This invention is related to the technology revealed, for example, in Japanese unexamined patent publications 2-7353 wherein a discharge gas which forms excimer molecules is used to fill a discharge tube or container. Excimer molecules are formed by the dielectric barrier discharge (comprised of either an ozonizer discharge or a silent discharge, see ELECTRIC ASSOCIATION REVISED PUBLICATION "DISCHARGE HANDBOOK" VOL. 7 PUBLISHED IN JUNE OF 1989, REFERENCE PAGE 263). The light radiating from the excimer molecules is emitted from the discharge container, i.e. reference is made to a dielectric barrier discharge lamp. In addition, in Japanese unexamined patent 2-7353, reference is made to a discharge container (for example a fluorescent lamp) in which the ultraviolet rays within a dielectric barrier discharge lamp container are transformed into a visible light wave length by luminescence (such as through use of fluorescent bodies or powders). As indicated above, the dielectric barrier discharge lamp possesses a number of particular characteristics which do not exist in low pressure mercury discharge lamps or high pressure arc discharge lamps which are known under the prior art. However, such dielectric barrier discharge lamps have the deficiency that the light output of the lamp is reduced over the period of light usage. In other words, the life span is totally inadequate, and the discharge itself is unstable.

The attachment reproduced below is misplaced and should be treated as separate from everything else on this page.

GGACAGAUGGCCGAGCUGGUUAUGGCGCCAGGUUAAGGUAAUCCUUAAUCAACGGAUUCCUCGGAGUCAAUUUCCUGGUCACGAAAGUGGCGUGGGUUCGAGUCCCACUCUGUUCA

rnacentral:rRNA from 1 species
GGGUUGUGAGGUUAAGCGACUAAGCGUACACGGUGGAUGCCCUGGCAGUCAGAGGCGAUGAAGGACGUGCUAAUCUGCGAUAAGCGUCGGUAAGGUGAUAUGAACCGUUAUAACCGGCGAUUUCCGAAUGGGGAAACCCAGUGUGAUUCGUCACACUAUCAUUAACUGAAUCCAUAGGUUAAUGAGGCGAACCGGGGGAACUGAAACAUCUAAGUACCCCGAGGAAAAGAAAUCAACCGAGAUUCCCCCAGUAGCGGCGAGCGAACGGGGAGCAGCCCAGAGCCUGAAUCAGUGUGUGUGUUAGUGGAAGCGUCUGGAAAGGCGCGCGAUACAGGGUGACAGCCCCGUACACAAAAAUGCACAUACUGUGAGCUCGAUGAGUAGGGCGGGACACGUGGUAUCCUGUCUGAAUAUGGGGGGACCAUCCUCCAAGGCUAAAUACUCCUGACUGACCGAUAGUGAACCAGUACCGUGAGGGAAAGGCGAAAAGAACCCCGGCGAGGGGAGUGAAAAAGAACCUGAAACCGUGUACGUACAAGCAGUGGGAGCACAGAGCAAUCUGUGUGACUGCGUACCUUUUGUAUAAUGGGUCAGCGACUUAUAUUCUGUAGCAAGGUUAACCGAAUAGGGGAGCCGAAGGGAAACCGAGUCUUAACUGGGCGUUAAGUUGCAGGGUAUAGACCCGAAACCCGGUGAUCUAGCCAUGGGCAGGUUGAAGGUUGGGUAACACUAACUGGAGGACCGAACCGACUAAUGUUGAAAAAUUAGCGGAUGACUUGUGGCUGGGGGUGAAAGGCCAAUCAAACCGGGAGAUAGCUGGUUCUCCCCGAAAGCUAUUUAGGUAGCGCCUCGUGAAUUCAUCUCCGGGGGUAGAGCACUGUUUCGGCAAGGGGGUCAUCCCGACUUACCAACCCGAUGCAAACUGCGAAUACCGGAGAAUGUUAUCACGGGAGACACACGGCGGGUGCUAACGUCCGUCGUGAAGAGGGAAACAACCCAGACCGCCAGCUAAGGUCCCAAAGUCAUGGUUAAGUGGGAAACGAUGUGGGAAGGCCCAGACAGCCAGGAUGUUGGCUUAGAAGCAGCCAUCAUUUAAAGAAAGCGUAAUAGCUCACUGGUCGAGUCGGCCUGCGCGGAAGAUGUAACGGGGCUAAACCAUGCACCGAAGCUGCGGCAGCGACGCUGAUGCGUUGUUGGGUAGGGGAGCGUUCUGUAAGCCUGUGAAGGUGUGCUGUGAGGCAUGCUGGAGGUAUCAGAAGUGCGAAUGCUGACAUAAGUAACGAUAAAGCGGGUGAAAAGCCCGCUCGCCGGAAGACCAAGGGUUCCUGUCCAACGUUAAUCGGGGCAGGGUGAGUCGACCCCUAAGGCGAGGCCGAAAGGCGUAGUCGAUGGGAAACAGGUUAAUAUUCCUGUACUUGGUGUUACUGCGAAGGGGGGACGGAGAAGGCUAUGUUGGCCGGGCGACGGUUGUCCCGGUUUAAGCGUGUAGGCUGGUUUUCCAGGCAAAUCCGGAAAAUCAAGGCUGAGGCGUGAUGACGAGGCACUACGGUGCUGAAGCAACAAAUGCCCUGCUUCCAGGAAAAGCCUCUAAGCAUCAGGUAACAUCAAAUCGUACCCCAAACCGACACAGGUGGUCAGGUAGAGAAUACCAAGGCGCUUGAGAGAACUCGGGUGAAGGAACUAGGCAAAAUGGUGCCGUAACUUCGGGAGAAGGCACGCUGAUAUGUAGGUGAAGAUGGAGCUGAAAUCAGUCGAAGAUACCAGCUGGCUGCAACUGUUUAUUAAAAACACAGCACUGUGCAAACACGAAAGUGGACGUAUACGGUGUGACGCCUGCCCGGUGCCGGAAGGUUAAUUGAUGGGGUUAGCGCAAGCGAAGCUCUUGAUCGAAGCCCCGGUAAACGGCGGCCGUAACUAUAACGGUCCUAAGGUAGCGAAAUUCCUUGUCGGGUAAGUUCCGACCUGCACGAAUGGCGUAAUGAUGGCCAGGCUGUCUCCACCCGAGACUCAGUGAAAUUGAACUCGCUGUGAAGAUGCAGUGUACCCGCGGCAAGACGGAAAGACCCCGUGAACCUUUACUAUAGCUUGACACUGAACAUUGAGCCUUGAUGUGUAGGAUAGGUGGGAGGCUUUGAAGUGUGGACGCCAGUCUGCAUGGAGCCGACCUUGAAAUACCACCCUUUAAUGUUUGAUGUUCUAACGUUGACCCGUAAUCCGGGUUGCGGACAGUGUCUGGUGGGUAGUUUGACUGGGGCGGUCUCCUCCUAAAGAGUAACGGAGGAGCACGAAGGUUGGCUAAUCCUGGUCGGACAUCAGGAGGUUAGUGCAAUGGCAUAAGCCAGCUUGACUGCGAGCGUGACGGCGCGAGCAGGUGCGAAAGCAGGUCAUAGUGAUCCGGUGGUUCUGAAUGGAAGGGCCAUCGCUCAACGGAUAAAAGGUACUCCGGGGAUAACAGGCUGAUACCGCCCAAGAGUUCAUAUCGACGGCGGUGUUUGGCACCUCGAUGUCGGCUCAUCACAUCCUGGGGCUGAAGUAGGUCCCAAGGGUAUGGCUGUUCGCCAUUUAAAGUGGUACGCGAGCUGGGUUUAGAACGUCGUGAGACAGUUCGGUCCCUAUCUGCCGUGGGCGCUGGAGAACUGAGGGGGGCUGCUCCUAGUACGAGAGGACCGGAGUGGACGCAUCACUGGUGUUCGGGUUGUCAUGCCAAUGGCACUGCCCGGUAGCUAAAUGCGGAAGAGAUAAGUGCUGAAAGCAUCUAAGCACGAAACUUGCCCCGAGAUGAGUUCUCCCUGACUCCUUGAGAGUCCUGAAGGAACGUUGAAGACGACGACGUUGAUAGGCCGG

The invention is based on the object of providing a dielectric barrier discharge lamp in which substantially no decrease in the light output occurs during utilization and which has a sufficient characteristic throughout the lifetime as well as a stable discharge.